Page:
Houston Commercial Photographer Robert Seale - Methodist HospitalI recently completed a cool corporate photography project for The Methodist Hospital System’s Leading Medicine publication.  Methodist is the official health care provider for several of the sports teams in the Houston area, among them, the Houston Astros, The Houston Texans, The Houston Dynamo MLS team, Rice University, and The Houston Ballet.

The project was coordinated by the creative team at Methodist, working with the help of an outside agency, Adcetera, here in Houston.

Among the stories we photographed for the issue, were a story on Houston Texans running back Arian Foster’s vegan diet (I think he has since recanted…), and a story on NFL quarterbacks dealing with concussions, featuring then Texans quarterback Matt Schaub.

Houston Commercial Photographer Robert Seale - Methodist Hospital

We had a lot of fun with Arian Foster and his vegan diet story.

Houston Commercial Photographer Robert Seale - Houston Texans Matt Schaub

The photo of Matt Schaub for the NFL quarterback concussion story. We used an LCD projector to project a brain image on the side of Schaub’s head.

Houston Commercial Photographer Robert Seale - Houston Texans Matt Schaub

Another view of Schaub, using the projector to generate a background of brain synapses.

For the Schaub story, we ended up trying two photos in addition to his cover shot setup:  in the first “concussion story” shot, we used an LCD projector to project an image of a brain on the side of Schaub’s head.  To make the head stand out and keep the “brain area” in mostly shadow, we used a Profoto strobe with a small softbox (a Plume Wafer 75)  on a backdrop in the background (to silhouette the head with a graduated falloff), and then another Profoto Acute 1200 from 90 degrees camera right with a 3 degree grid on a Profoto grid reflector.  This gave us a nice tight light on the face, but with a quick falloff to black so that the brain image would show well on the side of the head.   The second concussion shot was more simple, as we just projected an out of focus image of brain synapses in the background, with the same keylight on Schaub.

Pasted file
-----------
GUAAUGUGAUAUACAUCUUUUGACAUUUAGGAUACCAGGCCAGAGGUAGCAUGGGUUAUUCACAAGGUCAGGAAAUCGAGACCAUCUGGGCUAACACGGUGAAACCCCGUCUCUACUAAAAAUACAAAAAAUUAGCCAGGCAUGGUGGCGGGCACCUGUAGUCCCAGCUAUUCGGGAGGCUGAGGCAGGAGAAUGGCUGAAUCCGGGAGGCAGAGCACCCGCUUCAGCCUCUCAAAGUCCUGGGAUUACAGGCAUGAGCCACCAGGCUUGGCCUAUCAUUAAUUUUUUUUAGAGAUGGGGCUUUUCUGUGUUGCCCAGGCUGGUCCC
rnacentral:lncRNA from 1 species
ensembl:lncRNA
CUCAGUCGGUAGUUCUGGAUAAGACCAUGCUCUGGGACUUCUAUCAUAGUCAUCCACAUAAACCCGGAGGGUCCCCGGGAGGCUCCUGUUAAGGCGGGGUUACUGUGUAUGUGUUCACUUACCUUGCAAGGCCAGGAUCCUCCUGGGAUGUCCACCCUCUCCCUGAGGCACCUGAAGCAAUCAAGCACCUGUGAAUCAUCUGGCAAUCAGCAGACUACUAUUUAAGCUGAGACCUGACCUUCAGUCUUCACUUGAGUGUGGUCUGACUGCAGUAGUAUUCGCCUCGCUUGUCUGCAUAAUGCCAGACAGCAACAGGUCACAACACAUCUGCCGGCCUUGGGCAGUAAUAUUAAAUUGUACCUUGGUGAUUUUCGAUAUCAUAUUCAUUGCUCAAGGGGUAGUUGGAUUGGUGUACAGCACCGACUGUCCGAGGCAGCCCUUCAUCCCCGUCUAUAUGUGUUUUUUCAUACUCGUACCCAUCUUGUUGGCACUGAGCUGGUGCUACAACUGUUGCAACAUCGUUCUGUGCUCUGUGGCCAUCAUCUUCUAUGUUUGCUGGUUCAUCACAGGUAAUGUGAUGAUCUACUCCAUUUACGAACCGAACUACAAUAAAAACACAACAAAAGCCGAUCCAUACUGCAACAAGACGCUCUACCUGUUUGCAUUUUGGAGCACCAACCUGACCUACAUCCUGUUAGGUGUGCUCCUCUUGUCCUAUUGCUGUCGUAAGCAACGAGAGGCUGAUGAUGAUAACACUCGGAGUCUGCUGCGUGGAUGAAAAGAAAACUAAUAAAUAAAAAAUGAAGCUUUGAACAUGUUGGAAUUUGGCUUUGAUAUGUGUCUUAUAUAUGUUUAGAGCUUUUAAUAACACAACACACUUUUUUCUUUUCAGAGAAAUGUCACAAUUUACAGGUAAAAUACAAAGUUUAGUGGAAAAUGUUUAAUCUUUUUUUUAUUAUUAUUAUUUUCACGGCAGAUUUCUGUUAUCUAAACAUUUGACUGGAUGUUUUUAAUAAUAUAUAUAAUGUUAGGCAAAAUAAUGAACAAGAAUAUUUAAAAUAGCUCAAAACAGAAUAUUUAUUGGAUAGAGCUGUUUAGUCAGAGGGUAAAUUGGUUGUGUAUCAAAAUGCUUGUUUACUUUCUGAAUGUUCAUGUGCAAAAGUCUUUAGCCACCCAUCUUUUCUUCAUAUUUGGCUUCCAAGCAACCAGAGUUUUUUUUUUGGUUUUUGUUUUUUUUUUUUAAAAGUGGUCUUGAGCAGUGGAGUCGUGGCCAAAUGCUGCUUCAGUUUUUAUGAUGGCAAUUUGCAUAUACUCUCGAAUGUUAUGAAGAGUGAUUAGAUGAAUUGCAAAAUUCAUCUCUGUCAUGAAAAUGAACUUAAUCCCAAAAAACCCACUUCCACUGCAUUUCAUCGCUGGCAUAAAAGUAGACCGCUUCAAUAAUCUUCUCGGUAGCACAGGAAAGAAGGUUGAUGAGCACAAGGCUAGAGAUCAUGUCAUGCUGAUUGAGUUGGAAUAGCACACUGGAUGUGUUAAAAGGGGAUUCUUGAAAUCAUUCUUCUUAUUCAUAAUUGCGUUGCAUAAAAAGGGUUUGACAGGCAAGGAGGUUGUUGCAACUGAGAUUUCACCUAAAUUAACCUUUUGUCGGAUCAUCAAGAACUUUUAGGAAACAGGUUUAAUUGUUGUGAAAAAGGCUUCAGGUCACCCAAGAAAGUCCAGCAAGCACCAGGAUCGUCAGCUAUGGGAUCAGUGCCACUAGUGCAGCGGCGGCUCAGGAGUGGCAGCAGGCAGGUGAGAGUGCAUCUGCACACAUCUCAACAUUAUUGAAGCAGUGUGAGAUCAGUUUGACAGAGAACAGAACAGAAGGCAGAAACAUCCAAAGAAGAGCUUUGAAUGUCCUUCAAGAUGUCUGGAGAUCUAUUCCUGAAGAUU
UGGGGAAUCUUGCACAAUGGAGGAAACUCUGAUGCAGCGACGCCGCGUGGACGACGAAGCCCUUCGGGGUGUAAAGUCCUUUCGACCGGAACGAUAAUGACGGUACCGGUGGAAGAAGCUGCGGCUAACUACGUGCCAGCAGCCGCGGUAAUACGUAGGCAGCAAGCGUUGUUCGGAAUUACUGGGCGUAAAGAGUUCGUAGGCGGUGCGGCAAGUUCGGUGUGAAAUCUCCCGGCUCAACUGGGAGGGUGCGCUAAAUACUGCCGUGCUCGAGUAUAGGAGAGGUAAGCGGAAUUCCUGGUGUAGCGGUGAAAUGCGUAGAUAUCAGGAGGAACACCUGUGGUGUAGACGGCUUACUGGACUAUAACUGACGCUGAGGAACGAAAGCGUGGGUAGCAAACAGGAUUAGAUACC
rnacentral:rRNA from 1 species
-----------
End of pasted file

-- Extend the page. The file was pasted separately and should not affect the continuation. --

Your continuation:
In addition to the inside stories we shot for the magazine, one of the ideas was to create a giant fold-out cover, reminiscent of the Vanity Fair “Hollywood issue” covers with a representative from each team/organization featured on the piece.

The tricky part was, these were eight (count em – 8!) separate photo shoots!  Planning was crucial, and just to hedge our bets, we actually created two lighting schemes that we used on each and every shoot:

-A large, soft, one light setup with a big Plume Hexoval 180 camera right – very close to the subject.

-a three light setup, with two gridded rimlit softboxes and a Plume Hexoval 140 boomed into the middle.

(Both of these lighting scenarios are shown in diagram form on a previous post about a San Antonio Spurs SI cover shoot here.)

With the help of assistant Nathan Lindstrom, we created a template on seamless during the first shoot with exact locations and measurements for all the lights.  The strobe settings, angle, and height of the lights were matched exactly on each shoot, along with focal length and camera position.  We unfolded this giant diagram at every shoot to place everything in the proper locations.

Houston Commercial Photographer Robert Seale - Methodist Hospital

The inside tri-fold cover with the 3 light setup. (L to R): Texans running back Arian Foster, Rice basketball player Jessica Goswitz, Houston Dynamo soccer player Brad Davis, Texans QB Matt Schaub, Houston Ballet’s Lauren Anderson, Olympic gymnast Chris Brooks, HS soccer star Lindsey Biggart, and Houston Astros pitcher Bud Norris.

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The outer tri-fold cover with a one light setup. Background is a heavily retouched image provided by the ad agency.

The project went on for almost three months, due to the crazy schedules of the athlete participants.  Once the final work was completed, the Methodist team and the Adcetera team produced a marvelous, incredibly printed publication – and ended up using BOTH lighting setups – one as the outside cover foldout, and one on the inside.  The final retouching and composites were put together by the agency.

Among the really fun moments… having longtime Houston Ballet prima ballerina Lauren Anderson teach me the proper way to stretch on a ballet bar rail.  (There are photos, but hopefully, I will take them to my grave… you really DON’T want to see what that looked like!).

Behind the scenes with Houston advertising photographer Robert Seale

Crew photo at the end of the Houston Ballet/Lauren Anderson shoot: From left – Nathan Lindstrom, makeup artist Wendy Martin, Arick Chikiamco, Lauren Anderson, me, Sheshe Giddens, Melanie Fritzsche, and Hugo Perez.

Behind the scenes with Houston advertising photographer Robert Seale: Lauren's idea:  It's not every day you get to hold a world class Prima Ballerina on your shoulders.

Lauren’s idea: It’s not every day you get to hold a world class Prima Ballerina on your shoulders.